Best practices for terraform with Nomad provider in CI/CD?

Before getting into terraform & nomad, we have k8s and Jenkins.
Using Jenkins’s pipeline and k8s-CD plugin, it is quite easy to deploy to k8s cluster.

However, we introduced Nomad later.
There is no Nomad-CD plugin for Jenkins,
then we bridged that gap with terraform.

The final CI/CD would be Jenkins => CLI terraform => Nomad.

The only thing I have not figured out is how to handle terraform’s tfstate.

We are doing CI/CD, it is somehow awkward to check tfstate back into gitlab;
and to further my confusion, the tfstate seems to make less sense with Nomad provider,
since Nomad should be quite enough for state management.

So I suppose I could simply forget the tfstate in the CI/CD, just as k8s-CD plugin for Jenkins, any suggestions?

not sure, but you might already know about this; the WIKI page doesn’t seem to be updated, the github releases are updated though.

I thought that is for “build slave”, not for “deploy” purposes;
Correct me, if I get anything wrong.

Hi @liuzhen,

Nomad does not have any facility to store the Terraform state. The usual answer is to use remote state with one of the backends supported by Terraform, depending on what other infrastructure you have available to use for state storage.

The most straightforward answer is free state storage with Terraform Cloud, which doesn’t require any additional infrastructure on your end as long as the host running Terraform can reach the Terraform Cloud API. However, Terraform also supports remote state directly in Amazon S3, Azure blob storage, in HashiCorp Consul, and various others.

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That helped.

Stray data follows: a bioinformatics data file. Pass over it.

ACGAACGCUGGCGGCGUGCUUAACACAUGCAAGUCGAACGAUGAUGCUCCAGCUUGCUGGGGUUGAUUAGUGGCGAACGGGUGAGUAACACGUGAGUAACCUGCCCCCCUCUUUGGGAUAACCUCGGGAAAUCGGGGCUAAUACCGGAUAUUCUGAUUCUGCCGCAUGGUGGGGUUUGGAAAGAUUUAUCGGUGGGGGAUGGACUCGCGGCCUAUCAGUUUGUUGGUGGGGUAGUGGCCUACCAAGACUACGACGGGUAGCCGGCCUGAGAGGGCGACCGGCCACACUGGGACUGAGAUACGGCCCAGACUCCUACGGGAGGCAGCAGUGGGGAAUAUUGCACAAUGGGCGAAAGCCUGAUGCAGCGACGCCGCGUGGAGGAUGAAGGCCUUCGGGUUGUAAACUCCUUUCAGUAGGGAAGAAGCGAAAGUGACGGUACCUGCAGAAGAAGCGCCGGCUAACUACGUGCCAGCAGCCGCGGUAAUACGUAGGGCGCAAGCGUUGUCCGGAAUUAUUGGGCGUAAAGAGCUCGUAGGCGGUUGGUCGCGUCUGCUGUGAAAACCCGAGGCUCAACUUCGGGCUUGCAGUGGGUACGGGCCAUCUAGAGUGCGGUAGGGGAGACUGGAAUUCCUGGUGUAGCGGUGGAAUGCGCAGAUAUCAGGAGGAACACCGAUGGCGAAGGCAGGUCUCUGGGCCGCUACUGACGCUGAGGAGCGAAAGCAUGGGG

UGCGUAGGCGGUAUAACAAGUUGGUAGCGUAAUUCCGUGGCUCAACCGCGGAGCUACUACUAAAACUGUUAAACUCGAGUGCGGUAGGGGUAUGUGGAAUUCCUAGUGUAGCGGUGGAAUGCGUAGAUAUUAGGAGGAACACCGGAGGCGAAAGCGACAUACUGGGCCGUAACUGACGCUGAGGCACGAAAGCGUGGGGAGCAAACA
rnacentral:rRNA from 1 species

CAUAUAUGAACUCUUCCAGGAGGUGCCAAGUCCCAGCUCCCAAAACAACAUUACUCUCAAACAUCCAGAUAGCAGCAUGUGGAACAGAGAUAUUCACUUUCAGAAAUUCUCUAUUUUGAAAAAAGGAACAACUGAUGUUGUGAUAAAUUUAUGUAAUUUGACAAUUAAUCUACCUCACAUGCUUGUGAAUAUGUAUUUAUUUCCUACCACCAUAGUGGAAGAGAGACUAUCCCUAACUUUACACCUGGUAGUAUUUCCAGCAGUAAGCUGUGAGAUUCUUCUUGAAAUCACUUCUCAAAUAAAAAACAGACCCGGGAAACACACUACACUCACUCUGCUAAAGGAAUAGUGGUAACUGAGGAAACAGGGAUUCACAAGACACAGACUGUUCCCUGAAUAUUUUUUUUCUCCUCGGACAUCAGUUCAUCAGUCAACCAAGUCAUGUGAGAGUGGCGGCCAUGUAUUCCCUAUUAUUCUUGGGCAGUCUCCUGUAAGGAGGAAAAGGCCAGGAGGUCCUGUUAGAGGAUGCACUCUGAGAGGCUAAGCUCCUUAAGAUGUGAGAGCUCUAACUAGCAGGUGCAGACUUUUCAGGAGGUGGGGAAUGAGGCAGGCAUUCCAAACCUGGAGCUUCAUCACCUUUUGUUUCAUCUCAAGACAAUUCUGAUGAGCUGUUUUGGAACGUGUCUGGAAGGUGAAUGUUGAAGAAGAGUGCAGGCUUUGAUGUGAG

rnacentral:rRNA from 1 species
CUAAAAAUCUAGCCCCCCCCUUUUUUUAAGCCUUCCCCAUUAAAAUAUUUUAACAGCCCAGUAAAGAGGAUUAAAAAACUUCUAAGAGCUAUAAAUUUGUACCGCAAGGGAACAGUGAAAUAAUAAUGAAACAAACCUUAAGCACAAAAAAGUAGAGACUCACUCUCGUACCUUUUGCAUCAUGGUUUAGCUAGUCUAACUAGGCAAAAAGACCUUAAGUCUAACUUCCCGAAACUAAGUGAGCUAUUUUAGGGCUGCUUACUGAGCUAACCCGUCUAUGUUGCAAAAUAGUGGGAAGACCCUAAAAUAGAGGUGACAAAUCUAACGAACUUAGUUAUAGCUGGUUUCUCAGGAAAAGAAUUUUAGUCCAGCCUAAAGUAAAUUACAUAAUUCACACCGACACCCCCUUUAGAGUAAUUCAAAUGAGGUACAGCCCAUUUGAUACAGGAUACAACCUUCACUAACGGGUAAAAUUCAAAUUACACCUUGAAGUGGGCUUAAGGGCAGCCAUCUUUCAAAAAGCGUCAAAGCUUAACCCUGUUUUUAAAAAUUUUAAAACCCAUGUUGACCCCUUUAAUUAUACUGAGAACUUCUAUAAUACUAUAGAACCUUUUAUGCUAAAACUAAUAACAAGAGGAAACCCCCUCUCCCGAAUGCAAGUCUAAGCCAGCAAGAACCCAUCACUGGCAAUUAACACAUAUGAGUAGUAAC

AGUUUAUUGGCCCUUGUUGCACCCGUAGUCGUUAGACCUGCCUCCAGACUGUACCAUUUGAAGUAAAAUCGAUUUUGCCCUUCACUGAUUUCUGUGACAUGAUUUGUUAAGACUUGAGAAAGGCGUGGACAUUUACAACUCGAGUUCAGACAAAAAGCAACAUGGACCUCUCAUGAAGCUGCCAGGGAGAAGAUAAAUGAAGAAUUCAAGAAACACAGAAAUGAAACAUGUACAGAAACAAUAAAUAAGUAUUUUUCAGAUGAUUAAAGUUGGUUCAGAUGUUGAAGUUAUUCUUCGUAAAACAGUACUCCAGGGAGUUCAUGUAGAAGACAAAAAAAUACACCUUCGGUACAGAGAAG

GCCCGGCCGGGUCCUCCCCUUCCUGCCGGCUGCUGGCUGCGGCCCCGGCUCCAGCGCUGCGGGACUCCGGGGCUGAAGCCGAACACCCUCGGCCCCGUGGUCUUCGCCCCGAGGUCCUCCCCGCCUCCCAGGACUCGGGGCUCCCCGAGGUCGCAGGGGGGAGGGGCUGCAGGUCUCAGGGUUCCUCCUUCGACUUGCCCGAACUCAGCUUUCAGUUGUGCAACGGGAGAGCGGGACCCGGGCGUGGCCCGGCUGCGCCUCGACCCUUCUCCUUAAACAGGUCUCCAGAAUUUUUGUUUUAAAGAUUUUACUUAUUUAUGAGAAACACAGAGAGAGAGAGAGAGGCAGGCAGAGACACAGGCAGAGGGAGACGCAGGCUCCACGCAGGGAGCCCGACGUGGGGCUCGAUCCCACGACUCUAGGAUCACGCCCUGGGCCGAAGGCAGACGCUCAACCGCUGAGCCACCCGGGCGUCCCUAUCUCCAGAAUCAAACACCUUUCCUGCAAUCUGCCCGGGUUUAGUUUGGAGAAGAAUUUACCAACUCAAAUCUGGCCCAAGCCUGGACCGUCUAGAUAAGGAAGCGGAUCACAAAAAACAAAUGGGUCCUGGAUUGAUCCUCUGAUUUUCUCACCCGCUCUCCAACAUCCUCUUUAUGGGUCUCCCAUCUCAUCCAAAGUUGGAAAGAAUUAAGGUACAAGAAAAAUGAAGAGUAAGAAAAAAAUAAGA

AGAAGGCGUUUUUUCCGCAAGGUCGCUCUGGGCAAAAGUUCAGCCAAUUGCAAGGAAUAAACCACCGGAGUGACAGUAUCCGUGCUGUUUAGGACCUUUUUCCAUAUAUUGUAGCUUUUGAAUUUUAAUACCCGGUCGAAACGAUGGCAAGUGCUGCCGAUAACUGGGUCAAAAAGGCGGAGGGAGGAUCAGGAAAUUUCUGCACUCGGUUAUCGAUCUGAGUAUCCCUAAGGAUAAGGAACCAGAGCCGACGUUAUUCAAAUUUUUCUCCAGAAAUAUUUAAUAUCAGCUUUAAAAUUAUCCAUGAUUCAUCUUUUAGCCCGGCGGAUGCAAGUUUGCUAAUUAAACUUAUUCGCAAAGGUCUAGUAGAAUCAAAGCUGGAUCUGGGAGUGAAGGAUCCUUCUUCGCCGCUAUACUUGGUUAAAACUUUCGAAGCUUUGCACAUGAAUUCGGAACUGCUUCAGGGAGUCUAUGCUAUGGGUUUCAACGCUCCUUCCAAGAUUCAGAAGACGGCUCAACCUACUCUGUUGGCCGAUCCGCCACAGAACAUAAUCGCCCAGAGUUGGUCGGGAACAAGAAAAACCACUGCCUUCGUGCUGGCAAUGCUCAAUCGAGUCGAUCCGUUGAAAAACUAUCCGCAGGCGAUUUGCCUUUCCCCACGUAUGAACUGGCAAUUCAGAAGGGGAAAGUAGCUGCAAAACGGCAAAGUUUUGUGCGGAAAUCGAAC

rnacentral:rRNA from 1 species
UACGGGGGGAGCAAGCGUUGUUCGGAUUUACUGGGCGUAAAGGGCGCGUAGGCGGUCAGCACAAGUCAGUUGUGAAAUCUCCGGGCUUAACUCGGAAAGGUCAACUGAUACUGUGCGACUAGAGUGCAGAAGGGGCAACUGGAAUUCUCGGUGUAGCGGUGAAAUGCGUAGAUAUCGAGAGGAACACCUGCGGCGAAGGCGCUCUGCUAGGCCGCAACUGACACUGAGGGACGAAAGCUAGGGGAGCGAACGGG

I am quite new to both Terraform & Nomad.
I was not saying that Nomad has facility to store Terraform state. I was simply referring
to Nomad (and Kubernetes) declarative spec, by which, I assume, they have to
maintain (or load) internal state to produce actions.

The biggest question seems to be do I have to store the terraform state when using Nomad.
I get the idea when Terraform-ing other infrastructures, they have to be taken more seriously.

I do have consul and knew of Terraform Backend;
When in pure CI (CD excluded), I to a degree don’t care about the state rigorously maintained by Terraform (righteously?).

And even in CD for services, we as a small team did not care about the explicit state.

Maybe it is time for us to build up the (mind) state now?

Aside from other uses, Terraform uses its state to keep track of which objects it is already managing vs. which objects either don’t exist yet or are being managed by some other system.

If you don’t retain the state, Terraform will always think it needs to create the resources described in the configuration, because it uses the state to keep track of that fact that it already created them. Keep in mind that Terraform expects to run in a mixed environment where some objects are created by other Terraform configurations or by other software entirely, so Terraform does not assume that something is managed by it just because it exists in the remote system.

It’d be possible in principle for you to write some custom software that can read enough information from the running Nomad cluster to construct a synthetic Terraform state that could trick Terraform into thinking the state was saved in the usual way, but that is not a supported usage pattern and it might be quite difficult to get the details right.

So let Terraform create every time,
as long as the job name is the same, Nomad will figure out what has to be done
to fulfil the request, am I right though?


I recently received the HashiCorp white paper of Shifting from Static to Dynamic Infrastructure

Putting into the scene depicted in the white paper, I start to get the idea and what you said “Keep in mind that Terraform expects to run in a mixed environment …”

It is a bigger jump than I thought.